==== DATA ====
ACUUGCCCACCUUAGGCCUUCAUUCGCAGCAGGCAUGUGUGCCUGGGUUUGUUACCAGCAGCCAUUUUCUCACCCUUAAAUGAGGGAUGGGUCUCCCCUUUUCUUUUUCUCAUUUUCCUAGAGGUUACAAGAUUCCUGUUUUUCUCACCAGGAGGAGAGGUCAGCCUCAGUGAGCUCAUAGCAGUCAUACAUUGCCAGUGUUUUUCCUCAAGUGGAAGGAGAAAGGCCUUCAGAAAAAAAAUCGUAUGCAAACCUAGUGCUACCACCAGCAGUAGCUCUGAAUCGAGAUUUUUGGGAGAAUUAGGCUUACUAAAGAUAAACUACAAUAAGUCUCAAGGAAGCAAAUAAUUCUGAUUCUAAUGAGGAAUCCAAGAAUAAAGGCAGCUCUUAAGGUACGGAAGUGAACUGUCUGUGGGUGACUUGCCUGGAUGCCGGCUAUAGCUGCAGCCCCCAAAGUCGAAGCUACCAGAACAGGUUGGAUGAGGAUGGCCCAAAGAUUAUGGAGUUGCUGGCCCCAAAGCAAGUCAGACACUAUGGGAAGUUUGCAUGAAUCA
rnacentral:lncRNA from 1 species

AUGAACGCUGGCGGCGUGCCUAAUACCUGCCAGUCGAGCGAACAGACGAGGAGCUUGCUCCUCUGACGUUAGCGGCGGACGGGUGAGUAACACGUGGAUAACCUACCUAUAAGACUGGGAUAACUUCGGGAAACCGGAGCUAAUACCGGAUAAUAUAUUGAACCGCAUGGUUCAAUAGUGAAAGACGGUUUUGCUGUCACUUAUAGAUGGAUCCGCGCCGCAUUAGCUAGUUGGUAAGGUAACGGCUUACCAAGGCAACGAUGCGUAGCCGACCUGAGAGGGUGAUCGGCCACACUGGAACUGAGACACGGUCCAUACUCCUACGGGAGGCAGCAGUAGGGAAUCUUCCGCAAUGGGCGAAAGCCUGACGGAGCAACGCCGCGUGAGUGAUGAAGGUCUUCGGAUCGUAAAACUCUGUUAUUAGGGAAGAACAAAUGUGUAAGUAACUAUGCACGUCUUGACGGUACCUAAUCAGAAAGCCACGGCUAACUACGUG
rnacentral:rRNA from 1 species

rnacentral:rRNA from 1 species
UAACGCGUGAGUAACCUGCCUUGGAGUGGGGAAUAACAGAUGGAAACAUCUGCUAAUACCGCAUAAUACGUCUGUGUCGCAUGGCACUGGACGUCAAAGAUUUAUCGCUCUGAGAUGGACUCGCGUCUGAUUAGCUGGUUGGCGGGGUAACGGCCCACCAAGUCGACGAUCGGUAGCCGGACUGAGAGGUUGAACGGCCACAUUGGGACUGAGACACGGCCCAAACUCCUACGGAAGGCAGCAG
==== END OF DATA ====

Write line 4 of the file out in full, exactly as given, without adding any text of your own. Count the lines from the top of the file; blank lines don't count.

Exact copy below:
rnacentral:rRNA from 1 species